I am currently a fourth year PhD student, working on LHCb, with a focus on measuring CP angle gamma.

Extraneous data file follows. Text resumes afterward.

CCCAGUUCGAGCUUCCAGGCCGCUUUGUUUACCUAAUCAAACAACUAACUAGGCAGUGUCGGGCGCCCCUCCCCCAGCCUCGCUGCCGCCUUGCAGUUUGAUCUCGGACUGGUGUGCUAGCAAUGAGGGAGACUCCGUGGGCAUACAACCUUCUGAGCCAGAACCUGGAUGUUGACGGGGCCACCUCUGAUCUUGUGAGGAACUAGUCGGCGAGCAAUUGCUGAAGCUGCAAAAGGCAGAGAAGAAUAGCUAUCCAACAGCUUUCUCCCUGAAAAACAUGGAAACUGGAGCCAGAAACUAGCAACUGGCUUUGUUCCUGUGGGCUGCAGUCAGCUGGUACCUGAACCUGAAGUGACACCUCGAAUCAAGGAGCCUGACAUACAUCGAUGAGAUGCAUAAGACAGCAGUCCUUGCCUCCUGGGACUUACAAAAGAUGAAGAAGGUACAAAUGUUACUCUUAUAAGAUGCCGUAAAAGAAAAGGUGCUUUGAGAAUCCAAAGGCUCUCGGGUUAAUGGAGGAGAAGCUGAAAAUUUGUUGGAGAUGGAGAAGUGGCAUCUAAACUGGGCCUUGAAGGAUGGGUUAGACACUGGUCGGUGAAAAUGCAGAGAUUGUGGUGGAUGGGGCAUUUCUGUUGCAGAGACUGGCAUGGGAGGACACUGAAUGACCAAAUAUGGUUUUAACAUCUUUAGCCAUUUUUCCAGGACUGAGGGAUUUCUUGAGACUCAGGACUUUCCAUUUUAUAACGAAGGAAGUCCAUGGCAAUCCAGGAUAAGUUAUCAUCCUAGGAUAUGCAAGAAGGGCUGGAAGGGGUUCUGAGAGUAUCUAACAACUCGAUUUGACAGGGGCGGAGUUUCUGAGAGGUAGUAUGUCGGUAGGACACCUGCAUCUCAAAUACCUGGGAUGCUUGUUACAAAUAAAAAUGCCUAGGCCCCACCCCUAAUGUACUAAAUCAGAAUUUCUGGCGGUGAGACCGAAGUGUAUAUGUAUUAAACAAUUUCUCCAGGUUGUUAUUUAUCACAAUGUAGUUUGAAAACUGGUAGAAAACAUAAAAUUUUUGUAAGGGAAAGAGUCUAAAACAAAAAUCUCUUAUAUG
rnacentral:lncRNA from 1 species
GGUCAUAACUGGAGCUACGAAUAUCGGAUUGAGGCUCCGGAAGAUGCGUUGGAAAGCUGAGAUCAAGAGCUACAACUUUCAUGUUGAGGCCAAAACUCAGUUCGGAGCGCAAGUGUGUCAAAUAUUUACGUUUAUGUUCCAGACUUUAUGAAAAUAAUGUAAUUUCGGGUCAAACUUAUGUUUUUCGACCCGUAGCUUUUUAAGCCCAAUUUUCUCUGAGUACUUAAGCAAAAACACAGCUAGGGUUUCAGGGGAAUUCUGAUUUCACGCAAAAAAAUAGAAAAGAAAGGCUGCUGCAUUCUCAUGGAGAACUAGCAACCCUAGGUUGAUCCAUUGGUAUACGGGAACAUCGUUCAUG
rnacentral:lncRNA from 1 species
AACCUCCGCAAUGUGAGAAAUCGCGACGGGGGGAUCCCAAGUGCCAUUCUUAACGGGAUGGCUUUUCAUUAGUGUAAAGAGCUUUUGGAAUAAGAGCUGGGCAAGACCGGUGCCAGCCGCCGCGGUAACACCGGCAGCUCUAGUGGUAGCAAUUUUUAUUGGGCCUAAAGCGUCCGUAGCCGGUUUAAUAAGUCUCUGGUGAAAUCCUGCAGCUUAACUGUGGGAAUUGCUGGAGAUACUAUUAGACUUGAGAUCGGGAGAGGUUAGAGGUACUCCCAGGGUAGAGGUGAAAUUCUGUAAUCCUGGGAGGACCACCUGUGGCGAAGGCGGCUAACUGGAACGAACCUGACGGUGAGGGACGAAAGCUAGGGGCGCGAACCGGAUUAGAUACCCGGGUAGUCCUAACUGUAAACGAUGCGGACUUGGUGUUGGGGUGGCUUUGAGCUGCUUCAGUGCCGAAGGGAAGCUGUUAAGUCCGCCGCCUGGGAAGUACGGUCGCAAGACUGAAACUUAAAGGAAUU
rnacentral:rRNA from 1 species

Until the 1960's, matter and antimatter were understood to behave equivalently, such that if one reaction between matter particles proceeds at a given rate, its 'mirror-image' antimatter counterpart should proceed at the same rate. This is described mathematically by 'CP symmetry'. However, beginning with Cronin and Fitch's Nobel-winning efforts in 1964, a series of experiments revealed the inadequacy of this view; CP symmetry is observably violated - albeit only slightly, and only for a small class of reactions! The dominant theory of fundamental physics - the 'Standard Model' - does allow the possibility of some CP violation, which is parameterized by the constant gamma. Since the amount of CP violation is small, very large quantities of data must be analysed in order to measure gamma with any degree of precision. This task is also crucial for comparing the Standard Model with potential alternatives, since the degree of allowed CP violation often differs between them. CP violation has especially important implications for the origin of the known Universe - could it explain why we live in a matter-dominated world?